DUBUQUE, Iowa (AP) — The Dubuque library plans to start a service delivering books and other material to people unable to leave their homes.
The Telegraph Herald reports that Carnegie-Stout Public Library officials hope to launch the service in July.
Library staff say the program will give access to library resources and provide enrichment to people who need it.
“Once you’ve lost your ability to provide your own transportation to be able to get out of your home, I think there’s an isolating factor there, and I like the idea that people don’t have to feel so isolated anymore,” said Michelle Oberhoffer, circulation manager.
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Irene Raby said she plans to use the service following knee surgeries that will likely make it difficult for her to leave her home.
“If I had a really good book, I could get distracted from the pain,” the 77-year-old said.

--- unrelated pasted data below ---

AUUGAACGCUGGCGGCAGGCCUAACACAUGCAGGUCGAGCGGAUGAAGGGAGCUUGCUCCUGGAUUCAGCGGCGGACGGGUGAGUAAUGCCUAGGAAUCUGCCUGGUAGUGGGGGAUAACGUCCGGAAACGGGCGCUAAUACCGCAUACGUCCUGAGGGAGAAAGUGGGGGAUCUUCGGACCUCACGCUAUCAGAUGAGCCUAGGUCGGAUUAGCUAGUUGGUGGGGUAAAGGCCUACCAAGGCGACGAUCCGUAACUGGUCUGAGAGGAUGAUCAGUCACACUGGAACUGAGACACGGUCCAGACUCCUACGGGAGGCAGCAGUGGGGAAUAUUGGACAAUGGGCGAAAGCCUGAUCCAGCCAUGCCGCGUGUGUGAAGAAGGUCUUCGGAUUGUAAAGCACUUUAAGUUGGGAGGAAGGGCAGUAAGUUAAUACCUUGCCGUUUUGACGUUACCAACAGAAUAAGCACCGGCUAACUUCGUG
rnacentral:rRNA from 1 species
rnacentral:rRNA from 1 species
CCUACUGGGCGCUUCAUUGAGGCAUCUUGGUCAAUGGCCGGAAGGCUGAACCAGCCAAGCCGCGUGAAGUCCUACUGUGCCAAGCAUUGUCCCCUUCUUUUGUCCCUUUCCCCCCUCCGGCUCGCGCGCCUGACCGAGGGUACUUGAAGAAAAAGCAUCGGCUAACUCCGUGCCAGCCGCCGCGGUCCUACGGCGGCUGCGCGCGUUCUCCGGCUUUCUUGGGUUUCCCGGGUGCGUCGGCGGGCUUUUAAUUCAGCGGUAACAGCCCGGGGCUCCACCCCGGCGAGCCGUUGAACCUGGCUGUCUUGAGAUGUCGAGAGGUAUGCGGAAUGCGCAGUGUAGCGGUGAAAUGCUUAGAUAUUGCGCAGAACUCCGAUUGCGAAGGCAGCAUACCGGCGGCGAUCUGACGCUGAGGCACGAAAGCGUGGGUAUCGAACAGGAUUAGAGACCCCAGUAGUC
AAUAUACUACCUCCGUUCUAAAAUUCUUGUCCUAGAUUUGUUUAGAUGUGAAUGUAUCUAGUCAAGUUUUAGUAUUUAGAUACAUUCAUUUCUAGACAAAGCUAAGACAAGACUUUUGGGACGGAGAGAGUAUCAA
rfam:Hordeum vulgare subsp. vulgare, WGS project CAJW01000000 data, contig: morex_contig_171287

The service will have three-week checkout periods, said Susan Henricks, the library’s director. Books, audio books and CDs will be eligible for the service, she said.
Participants will complete an application including information about what they like to read so library staff can make recommendations.
The program’s scope will depend on how many people volunteer to staff it, Henricks said. Officials plan to start advertising the program and seeking volunteers this week.
“If we had a volunteer and we had someone interested, we would start immediately,” Henricks said.
The library currently provides bulk loans to more than a dozen nursing homes and residential care facilities, as well as the state correctional facility.
Information from: Telegraph Herald, http://www.thonline.com